In the aftermath of England’s loss at the Euros, a wave of disappointment swept across the country. This was followed, distastefully, by acts of hooliganism that saw Leicester Square littered with broken glass bottles and witnessing unsightly acts of public indecency. Yet, what nobody had been prepared for was the shocking racism that reared its ugly head online and targeted black British players for being the reason behind England’s defeat.
Much has been said on the topic. It does not require yet another perspective to realise that this is a wake-up call for us as a country. That we have a long way to go before becoming a truly inclusive and multicultural society is obvious. What worries me, however, is how the path towards such a society is littered with dangerous digital manipulation and the deliberate stoking of racial tension.
The facts are on the table. After England lost, outrageous tweets and Instagram comments made their way onto the internet throwing racial slurs at Marcus Rashford, Bukayo Saka, and Jadon Sancho. These were widely condemned across the board, from politicians and celebrities alike. Questions were raised about the role politicians had played in allowing such a denigration of the Three Lions to be made possible. And then claims were made about the foreign origins of these comments, suggesting a malicious disinformation campaign originating in Russia.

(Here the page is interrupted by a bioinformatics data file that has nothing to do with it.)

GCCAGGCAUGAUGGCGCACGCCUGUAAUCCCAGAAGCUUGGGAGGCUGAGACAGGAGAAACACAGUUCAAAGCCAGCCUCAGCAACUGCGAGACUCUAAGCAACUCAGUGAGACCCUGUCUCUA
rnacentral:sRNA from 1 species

For starters, regardless of the origins of the comments, the participation of English fans in racist rhetoric is undeniable. I agree with former MI5 chief Ken McCallum, who dismissed allegations of foreign interference and argued that we cannot, and should not, turn to Russia to hide our problems under the carpet.
Despite this, I cannot help but acknowledge that a large number of tweets and messages did not come from within the UK. This does not absolve us of accountability, but rather points to a more complex web of the creation of hatred online that we simply have no tools to tackle. A strand of racist abuse originating in Russia might be picked up by someone in the United States before finally being modified further by an unemployed young man in England and posted under Rashford’s tweets. In an age of international complicity, how do we move towards global accountability?
For this, social media companies have to be taken to task. When algorithms are evolving rapidly to cater to commercial needs, we must see more robust mechanisms that can nip online hatred in the bud. This certainly isn’t an easy task. In the diffuse, nebulous world of the internet, the sheer volume and scale of content making its way online makes it more difficult than ever before to monitor and take down. But this certainly isn’t an insurmountable or unsolvable problem. Public pressure and government action must force social media companies to take online hatred seriously.
We simply cannot afford to let this go on.